A blockbuster Saturday night fixture in the national stadium could be just the ticket for Munster to find their mojo on the road, notwithstanding the sheer quality of the opposition.
Munster have had issues with finding the right mindset to beat teams away from home, which has been their biggest stumbling block so far this season. A couple of losses on the road has taken the gloss off some impressive attacking performances, albeit against weaker opposition.
It’s hard to truly tell where they are at the moment so this weekend is going to be pivotal. They are expected to be without their captain, Peter O’Mahony for the clash at the Aviva Stadium. He has been outstanding this year since coming back from international duty and seems to be in his best possible condition to tackle the World Cup year head on.
Leinster are rumoured to be without some of their own big guns this weekend, with the likes of Jonathan Sexton potentially sitting this one out. It will be interesting to see how the IRFU influence the selections but there’s more than enough depth in both squads to put on a show in Dublin.
Johann Van Graan and Leo Cullen are both in for selection headaches when they get a full complement back for next weekend, especially in the back row. The return of Sean O’Brien and Tommy O’Donnell on top of quality players like Dan Leavy, Josh van der Flier and Chris Cloete make the provinces' back rows difficult to pick, never mind Joe Schmidt’s job when the November internationals comes around.
Leinster are looking very consistent since they lost on the road to Scarlets in Round 2, picking up an away win at the Sportsground last week. The same can’t be said for Munster. It might not feel like an away game for some players but if they don’t get a win away from Thomond Park soon it could play on their minds as the season progresses.
Munster's season could hinge on how they show up to the Aviva on Saturday night ahead of two big games in the Heineken Cup. Playing against Leinster in the Aviva is a standard above the Guinness Pro 14.
My first (and last) time facing them was a close encounter but the intensity was a different level. You couldn’t take your eyes off Sexton that day, always one step ahead and looking to catch you on the hop. That’s how Leinster play.
On the attack and setting the pace for most of the game.
An aspect of Munster’s game that needs to come on another bit is their continuity. When their attack comes under pressure we can see them make less passes and less offloads. Their attack can get quite flat and there’s less time to use the ball when the defence is winning the battle. This is something that I feel Leinster excel at.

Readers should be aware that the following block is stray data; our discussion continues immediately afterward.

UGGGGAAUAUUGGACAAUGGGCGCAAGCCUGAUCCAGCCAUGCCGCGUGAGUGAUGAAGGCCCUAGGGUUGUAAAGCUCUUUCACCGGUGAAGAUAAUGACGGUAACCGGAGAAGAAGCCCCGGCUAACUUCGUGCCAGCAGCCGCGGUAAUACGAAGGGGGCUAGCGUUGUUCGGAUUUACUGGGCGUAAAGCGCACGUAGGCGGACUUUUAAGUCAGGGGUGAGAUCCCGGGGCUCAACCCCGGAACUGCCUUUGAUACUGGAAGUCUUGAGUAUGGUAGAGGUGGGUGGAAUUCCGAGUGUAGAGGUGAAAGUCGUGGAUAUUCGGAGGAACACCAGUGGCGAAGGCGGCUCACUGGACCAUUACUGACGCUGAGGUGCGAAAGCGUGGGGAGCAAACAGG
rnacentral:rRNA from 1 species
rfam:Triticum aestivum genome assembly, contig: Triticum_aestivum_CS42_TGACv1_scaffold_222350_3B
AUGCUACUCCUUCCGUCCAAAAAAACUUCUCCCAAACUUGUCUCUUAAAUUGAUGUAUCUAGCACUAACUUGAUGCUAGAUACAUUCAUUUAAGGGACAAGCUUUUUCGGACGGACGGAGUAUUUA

Garry Ringrose showed his ability last week to pick off some tiring forwards and got in behind for a try without having to use his support. If Leinster can play to these strengths it will take away from Munster’s line speed in defence, which can be intimidating and tough to play against.
It’s very hard to get off the line if you’re not onside yet
Traditionally the Welsh sides played with very fast defences. When preparing to face them you can come up with great tactics. A quick hit in the 12 channel, clear the ruck quickly so they’re still retreating when you’re playing the next phase and players have more time on the ball to make decisions.
It’s very hard to get off the line if you’re not onside yet.
But it’s much easier said than done and when the pressure comes on in the game the small details can get lost. Someone might miss their role in the play and get to the breakdown late, meaning the ruck ball is slower and the defence is back on the front foot.
One of the weaknesses in a defence like this is how hard it is to recover when the opposition use their foot work on a less agile player. Once they are in behind you it’s very difficult to put the brakes on and recover in time to block the offloading channel.
Keeping the ball alive when Leinster find these opportunities is key to slowing down that line speed and negating the outstanding ground work that we’ve seen from Munster’s back row this season.
The defence has very limited time to organise and go forward again before the ball is played but trying to find a poach in a retreating ruck is a tough skill to master.
You will also see players trying to maintain their line speed while on the back foot resulting in poor defensive reads and disconnects between some of the forwards and backs.
If Munster are to be successful this weekend they’ll need to maintain that defensive integrity, starting with winning the one-on-one contact area and allowing each other the time to be organised enough to stifle the Leinster attack.
This tie might not have as many players available as some of the past games but there’s still a lot on the line for anyone that takes to the pitch.
Not wanting your rival getting one over on you, momentum for the following weeks and simply winning the next league game should see plenty of action this weekend and it’s certainly one I’m looking forward to.
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